Why in this day and age should a journalist be talked down to in this way?! I find it absolutely incredulous that a ‘legitimate’ TV station behaves in such a way.
If you’d like to watch said video, you can view some of the bits here. This gets me riled up by the way. Julia Hartley-Brewer (the co-host for the show) suggests that everyone is upset by the atrocity and he was ‘being silly’.
You don’t choose to be gay
I am not gay, nor am I part of the LGBT community. But I know what I know. I have friends who are gay and friends who are lesbians. I’ve watched shows about people who consider themselves transgender.
Some of the best people I know are the above.
Time and time again they tell me/I hear that they don’t choose to be gay. No one wants to be stared at if they are holding hands with someone of the same sex. No one wants things left on their wall which suggests disgust. No one wants to be hated for the way they are.
No one wants things left on their wall which suggests disgust. No one wants to be hated for the way they are.
I feel bad because of this. I feel bad because I am not on the receiving end. Why don’t I get this discrimination? Probably because I am white and have a boyfriend. Why is this so different to someone?
Why can’t people accept the way others are? Are we so primitive that we have to act like animals and fight each other over irrelevant things?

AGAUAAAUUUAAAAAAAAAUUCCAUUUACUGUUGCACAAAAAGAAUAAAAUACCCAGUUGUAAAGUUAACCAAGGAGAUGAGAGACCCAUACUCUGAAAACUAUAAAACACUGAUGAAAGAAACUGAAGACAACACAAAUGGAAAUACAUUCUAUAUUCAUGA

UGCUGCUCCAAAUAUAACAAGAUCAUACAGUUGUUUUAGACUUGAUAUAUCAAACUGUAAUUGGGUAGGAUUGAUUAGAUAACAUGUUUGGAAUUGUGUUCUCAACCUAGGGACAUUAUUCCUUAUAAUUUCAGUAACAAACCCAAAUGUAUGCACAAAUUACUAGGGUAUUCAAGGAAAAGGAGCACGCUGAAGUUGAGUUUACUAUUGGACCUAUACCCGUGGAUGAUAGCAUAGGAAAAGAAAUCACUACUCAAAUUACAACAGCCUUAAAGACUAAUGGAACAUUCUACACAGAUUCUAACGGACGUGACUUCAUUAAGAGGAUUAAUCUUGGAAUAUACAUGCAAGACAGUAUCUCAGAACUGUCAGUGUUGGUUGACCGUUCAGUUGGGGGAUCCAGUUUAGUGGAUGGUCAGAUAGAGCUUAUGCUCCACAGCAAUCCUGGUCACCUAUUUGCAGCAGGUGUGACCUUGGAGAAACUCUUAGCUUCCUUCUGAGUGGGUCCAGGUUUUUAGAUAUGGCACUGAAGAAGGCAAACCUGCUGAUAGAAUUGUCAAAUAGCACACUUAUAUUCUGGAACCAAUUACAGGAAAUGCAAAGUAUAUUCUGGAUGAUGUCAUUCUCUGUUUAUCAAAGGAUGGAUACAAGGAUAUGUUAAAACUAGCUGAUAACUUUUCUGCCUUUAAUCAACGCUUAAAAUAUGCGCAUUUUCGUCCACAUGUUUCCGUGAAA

No, we aren’t, but it happens. It angers me.
How this is linked to mental health
Now, I’m not trying to hijack this horrible incident to allow me to bring up mental health. This moment in our lives should be remembered. Not because of the statistics, but because of the community spirit being shown across the globe.
It has happened now and the support is flooding in.
But ignorance can no longer be something to hide behind because facts are readily available. All you have to do is want to know. Want to know about the world, and how it works.
The want to be able to form your own unbiased opinion based on these facts.
It should be a moment where we can now start challenging them and fight for what we believe in. Those with mental illnesses also suffer at the hands of these people and we should unite now, together.
Let’s get together and build a collective.
The modern age we live in allows us to communicate with people from the other side of the world with ease. We get to share information with not just our family, but friends across the borders and waters.
We can use technology to fight for our rights to be a human being, and not a victim, or a lesbian, or someone with depression. How dare we be judged by these superficial aspects?
How dare others decide how we should be looked at and treated like.
Finally, how dare we be accused of being dramatic when something so sensitive causes outrage for the people being affected?
We aren’t defined by out race, colour, heritage, mental state, etc.
Some people just don’t understand that. Yes, this event was against human beings, but it was a specific incident towards a specific group of people.
I thought now would be a good time to consider all of the good things that have come from this situation. Although a disgusting situation, the unity that’s been shown has been mindblowing.
I thought it necessary to share some of the nice pictures, some from my home town Nottingham!
(All photos have come from the BBC website – you can see them here)